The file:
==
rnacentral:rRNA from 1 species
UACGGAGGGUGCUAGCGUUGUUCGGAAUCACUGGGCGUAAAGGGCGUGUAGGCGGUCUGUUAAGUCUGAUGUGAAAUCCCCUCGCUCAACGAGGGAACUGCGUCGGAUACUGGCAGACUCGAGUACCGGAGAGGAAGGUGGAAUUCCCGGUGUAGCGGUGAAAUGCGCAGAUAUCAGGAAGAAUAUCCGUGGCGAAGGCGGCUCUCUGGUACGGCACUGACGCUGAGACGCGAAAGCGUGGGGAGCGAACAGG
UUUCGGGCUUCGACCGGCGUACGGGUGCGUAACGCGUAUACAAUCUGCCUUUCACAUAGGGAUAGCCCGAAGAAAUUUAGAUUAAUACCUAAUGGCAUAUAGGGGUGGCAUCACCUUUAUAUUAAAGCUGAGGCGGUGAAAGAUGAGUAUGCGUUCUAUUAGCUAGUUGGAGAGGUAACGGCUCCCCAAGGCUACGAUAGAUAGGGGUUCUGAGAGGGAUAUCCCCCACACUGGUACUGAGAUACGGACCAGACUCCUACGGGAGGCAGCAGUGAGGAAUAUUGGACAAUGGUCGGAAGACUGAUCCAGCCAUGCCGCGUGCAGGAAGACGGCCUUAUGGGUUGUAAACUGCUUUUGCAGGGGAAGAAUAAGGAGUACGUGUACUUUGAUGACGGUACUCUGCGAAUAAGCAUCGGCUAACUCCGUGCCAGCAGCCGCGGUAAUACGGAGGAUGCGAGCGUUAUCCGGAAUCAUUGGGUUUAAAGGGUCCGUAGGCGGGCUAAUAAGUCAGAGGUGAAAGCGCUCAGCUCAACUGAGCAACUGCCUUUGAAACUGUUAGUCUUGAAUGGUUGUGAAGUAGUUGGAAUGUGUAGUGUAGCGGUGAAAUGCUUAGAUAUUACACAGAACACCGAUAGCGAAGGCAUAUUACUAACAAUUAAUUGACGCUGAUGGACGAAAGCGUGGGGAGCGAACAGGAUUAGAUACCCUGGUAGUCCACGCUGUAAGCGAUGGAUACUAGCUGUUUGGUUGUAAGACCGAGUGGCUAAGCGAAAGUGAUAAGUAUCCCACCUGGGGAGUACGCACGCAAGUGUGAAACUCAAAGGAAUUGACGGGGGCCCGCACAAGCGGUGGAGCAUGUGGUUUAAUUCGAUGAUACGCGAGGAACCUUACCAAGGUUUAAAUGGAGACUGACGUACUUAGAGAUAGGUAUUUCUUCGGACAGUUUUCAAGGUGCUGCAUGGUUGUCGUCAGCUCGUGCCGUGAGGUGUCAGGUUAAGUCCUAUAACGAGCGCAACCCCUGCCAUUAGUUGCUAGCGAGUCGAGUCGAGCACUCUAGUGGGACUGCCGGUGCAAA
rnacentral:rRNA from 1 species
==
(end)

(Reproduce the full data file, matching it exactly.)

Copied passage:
rnacentral:rRNA from 1 species
UACGGAGGGUGCUAGCGUUGUUCGGAAUCACUGGGCGUAAAGGGCGUGUAGGCGGUCUGUUAAGUCUGAUGUGAAAUCCCCUCGCUCAACGAGGGAACUGCGUCGGAUACUGGCAGACUCGAGUACCGGAGAGGAAGGUGGAAUUCCCGGUGUAGCGGUGAAAUGCGCAGAUAUCAGGAAGAAUAUCCGUGGCGAAGGCGGCUCUCUGGUACGGCACUGACGCUGAGACGCGAAAGCGUGGGGAGCGAACAGG
UUUCGGGCUUCGACCGGCGUACGGGUGCGUAACGCGUAUACAAUCUGCCUUUCACAUAGGGAUAGCCCGAAGAAAUUUAGAUUAAUACCUAAUGGCAUAUAGGGGUGGCAUCACCUUUAUAUUAAAGCUGAGGCGGUGAAAGAUGAGUAUGCGUUCUAUUAGCUAGUUGGAGAGGUAACGGCUCCCCAAGGCUACGAUAGAUAGGGGUUCUGAGAGGGAUAUCCCCCACACUGGUACUGAGAUACGGACCAGACUCCUACGGGAGGCAGCAGUGAGGAAUAUUGGACAAUGGUCGGAAGACUGAUCCAGCCAUGCCGCGUGCAGGAAGACGGCCUUAUGGGUUGUAAACUGCUUUUGCAGGGGAAGAAUAAGGAGUACGUGUACUUUGAUGACGGUACUCUGCGAAUAAGCAUCGGCUAACUCCGUGCCAGCAGCCGCGGUAAUACGGAGGAUGCGAGCGUUAUCCGGAAUCAUUGGGUUUAAAGGGUCCGUAGGCGGGCUAAUAAGUCAGAGGUGAAAGCGCUCAGCUCAACUGAGCAACUGCCUUUGAAACUGUUAGUCUUGAAUGGUUGUGAAGUAGUUGGAAUGUGUAGUGUAGCGGUGAAAUGCUUAGAUAUUACACAGAACACCGAUAGCGAAGGCAUAUUACUAACAAUUAAUUGACGCUGAUGGACGAAAGCGUGGGGAGCGAACAGGAUUAGAUACCCUGGUAGUCCACGCUGUAAGCGAUGGAUACUAGCUGUUUGGUUGUAAGACCGAGUGGCUAAGCGAAAGUGAUAAGUAUCCCACCUGGGGAGUACGCACGCAAGUGUGAAACUCAAAGGAAUUGACGGGGGCCCGCACAAGCGGUGGAGCAUGUGGUUUAAUUCGAUGAUACGCGAGGAACCUUACCAAGGUUUAAAUGGAGACUGACGUACUUAGAGAUAGGUAUUUCUUCGGACAGUUUUCAAGGUGCUGCAUGGUUGUCGUCAGCUCGUGCCGUGAGGUGUCAGGUUAAGUCCUAUAACGAGCGCAACCCCUGCCAUUAGUUGCUAGCGAGUCGAGUCGAGCACUCUAGUGGGACUGCCGGUGCAAA
rnacentral:rRNA from 1 species